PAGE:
Wednesday, March 30, 2005 | When did schools become responsible for character development? How did parents get let off the hook for raising principled children? And why are teachers at fault when one of our young goes astray?
By refusing to set limits, discuss delicate subjects, make time for one another, and exemplify decent moral behavior, many parents and guardians are contributing to the crisis in public education today.
The effect of this abdication of responsibility is that teachers have had to focus on the “well-rounded child” – one who is learned as well as virtuous, trustworthy, respectful, empathetic, responsible, patriotic and ethical.
As a result, teaching students basic academic subject matter now only accounts for a portion of a teacher’s workday.
Teachers now teach about sex, AIDS, contraception, eating disorders, nutrition, physical fitness, drug and alcohol abuse, depression, suicide prevention, Internet safety, patriotism citizenship, respect for diversity, self-esteem, character and morality. They are also expected to provide childcare, nursing, discipline for unruly behavior, grief counseling and psychological services.
Periodically, there are tragedies in the world that also require attention – such as the tsunami disaster, 9/11, child abductions, school shootings, war and famine. Then there are politically charged issues like evolution, abortion and prayer in school – and campus concerns like cell phone usage, cheating and dress code violations – that also intrude on precious classroom minutes.
Is it any wonder teachers, already pressured by state and federal agencies demanding ever-higher test scores, struggle to find adequate time to teach core material?
Looking at the evidence now, in hindsight, it is apparent that he was a desperate teen in distress. Calls by the national media that teachers should have “done more” by recognizing the signs are, however, completely unfair.
What should teachers do when they suspect a teen is potentially dangerous? There are plenty of kids in San Diego high schools who emulate neo-Nazis or sport Gothic clothes, black lipstick, spiked hair, weird body piercings and creepy tattoos. Many other kids continue to be teased, bullied, isolated and rejected, despite increased awareness of the pain and alienation this victimizing behavior causes.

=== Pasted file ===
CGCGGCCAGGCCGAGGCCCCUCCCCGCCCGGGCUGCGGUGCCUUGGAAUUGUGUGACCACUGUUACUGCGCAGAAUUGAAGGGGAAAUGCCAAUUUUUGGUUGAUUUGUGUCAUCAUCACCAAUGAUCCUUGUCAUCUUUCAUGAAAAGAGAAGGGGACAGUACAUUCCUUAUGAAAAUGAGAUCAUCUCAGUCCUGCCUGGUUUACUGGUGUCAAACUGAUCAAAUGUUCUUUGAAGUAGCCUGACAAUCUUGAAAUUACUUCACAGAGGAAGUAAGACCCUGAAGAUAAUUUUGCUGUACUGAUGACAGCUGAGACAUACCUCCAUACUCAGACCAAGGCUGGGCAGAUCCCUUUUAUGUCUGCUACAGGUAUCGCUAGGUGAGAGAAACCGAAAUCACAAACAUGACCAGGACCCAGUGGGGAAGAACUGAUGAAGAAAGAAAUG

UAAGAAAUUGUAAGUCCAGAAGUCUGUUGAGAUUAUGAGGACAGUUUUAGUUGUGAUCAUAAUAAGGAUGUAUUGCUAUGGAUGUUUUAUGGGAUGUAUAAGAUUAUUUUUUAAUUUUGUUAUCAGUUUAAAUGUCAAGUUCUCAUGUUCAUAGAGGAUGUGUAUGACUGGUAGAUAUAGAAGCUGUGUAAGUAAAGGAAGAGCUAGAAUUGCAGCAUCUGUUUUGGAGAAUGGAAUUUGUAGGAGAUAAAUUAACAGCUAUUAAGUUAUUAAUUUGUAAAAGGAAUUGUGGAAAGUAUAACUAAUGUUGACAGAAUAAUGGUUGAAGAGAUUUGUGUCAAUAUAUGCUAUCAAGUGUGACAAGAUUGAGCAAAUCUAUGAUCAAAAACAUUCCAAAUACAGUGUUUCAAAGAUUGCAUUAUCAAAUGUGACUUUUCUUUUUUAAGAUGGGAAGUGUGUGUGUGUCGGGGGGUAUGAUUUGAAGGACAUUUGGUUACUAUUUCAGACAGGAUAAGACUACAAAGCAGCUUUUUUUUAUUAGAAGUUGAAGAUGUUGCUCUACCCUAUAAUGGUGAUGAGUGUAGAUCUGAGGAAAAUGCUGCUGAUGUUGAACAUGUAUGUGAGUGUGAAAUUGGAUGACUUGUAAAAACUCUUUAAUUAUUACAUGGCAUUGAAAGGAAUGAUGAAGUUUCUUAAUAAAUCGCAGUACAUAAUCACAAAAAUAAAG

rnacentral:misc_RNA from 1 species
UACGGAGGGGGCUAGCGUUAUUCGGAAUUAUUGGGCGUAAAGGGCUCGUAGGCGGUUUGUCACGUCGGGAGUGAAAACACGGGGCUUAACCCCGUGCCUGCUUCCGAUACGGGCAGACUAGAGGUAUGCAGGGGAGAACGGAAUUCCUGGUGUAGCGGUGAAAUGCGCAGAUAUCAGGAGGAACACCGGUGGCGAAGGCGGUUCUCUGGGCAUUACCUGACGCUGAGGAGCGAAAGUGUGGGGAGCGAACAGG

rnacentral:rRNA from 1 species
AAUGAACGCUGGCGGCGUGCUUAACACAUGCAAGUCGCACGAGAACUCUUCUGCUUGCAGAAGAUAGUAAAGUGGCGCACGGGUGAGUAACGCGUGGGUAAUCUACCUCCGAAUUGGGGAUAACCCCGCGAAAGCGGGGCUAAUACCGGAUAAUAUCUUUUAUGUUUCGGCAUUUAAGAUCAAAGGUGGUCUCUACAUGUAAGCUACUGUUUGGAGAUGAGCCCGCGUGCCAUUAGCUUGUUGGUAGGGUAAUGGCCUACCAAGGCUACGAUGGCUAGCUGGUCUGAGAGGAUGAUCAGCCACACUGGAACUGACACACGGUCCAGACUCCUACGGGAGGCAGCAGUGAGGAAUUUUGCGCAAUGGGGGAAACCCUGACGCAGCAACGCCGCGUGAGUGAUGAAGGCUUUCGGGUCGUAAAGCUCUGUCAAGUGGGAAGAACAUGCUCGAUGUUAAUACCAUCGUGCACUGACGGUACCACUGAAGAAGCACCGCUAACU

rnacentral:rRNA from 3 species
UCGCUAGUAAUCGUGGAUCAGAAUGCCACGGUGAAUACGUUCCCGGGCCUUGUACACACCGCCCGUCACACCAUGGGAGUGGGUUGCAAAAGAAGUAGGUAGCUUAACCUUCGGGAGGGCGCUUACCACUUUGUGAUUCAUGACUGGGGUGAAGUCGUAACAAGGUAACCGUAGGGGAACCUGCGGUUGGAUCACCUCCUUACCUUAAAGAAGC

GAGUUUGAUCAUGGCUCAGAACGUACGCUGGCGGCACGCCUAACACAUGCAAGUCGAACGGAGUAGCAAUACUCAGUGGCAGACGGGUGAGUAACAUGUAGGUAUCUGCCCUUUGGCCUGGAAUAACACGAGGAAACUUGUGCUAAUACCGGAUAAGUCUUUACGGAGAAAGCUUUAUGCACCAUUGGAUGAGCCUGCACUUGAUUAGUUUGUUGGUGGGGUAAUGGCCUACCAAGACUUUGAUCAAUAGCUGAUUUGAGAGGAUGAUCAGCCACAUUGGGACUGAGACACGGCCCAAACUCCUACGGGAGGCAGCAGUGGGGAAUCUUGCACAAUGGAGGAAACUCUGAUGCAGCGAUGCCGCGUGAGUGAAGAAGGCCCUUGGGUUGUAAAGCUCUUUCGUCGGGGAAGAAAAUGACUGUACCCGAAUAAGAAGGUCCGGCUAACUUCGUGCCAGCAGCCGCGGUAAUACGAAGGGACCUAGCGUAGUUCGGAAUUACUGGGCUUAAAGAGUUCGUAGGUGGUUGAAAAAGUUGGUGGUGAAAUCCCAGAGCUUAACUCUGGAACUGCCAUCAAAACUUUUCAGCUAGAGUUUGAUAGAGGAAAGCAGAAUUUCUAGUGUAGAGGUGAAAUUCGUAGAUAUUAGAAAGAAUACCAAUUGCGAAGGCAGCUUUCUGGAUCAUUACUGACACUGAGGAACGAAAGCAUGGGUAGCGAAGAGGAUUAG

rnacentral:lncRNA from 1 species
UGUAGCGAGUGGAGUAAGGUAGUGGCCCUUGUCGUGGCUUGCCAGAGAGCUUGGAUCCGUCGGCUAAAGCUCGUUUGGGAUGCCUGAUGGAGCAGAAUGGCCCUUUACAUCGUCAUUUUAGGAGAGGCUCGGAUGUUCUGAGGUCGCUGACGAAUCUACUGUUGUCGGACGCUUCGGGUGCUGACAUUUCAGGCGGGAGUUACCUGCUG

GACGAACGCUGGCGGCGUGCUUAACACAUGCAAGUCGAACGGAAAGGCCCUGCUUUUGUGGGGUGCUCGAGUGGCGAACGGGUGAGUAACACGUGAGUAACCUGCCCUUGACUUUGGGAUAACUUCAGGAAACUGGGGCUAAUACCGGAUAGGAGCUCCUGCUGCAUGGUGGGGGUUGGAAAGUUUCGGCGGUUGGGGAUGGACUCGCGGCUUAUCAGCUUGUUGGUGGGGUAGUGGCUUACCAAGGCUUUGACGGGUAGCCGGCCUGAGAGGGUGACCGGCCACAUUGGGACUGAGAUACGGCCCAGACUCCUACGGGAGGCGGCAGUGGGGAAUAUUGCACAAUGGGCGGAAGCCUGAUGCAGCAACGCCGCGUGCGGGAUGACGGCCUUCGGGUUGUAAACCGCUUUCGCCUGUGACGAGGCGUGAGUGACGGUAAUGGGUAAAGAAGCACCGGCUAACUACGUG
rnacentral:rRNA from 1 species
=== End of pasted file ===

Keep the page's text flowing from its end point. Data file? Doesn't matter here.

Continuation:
How many of them will snap? Some may. But most do not. Do teachers have an obligation to report any and all suspicious conduct? Which ones should be identified, counseled, shipped off and packed away?
And how many of us 30 or 40 years ago would have fit this category?
So communities insist that teachers do a better job of educating our youth in reading, writing, math and science, and we hold them accountable through various superficial testing measures that penalize failure yet don’t adequately reward success.
If that were all teachers had on their plates, maybe the quality of teaching would improve. But we expect them to be surrogate parents as well, and we burden them with the task of teaching our children about matters that we parents find to be too objectionable, time-consuming or challenging.
Instead of addressing the issue of easy access to guns and widespread images of violence in the media, society blandly accepts these aberrant conditions and asks that schools convert to fortresses to protect our children from one another. So teachers become prison guards who are at fault for any breach of security, when it is parents who should bear ultimate responsibility.
The Columbine massacre, for example, might have been prevented if either killer’s parents had bothered to peer into their sons’ bedrooms to view the arsenal of weapons being amassed.
It is inexcusable to blame teachers for not recognizing warning signs in our disturbed youth. This is not what they are paid to do. If this is what we expect of teachers, then let’s not ask them to be accountable for increased learning as well. They can either be teachers – or they can be babysitters or therapists or wardens – but they can’t be all things to all children.
A teacher is just that – a teacher. They are not doctors, psychologists, police officers or clergy. And they are not parental proxies. Teaching kids about life and how to cope is a parent’s duty, not a teacher’s.
Let’s do our job better, so teachers can do theirs.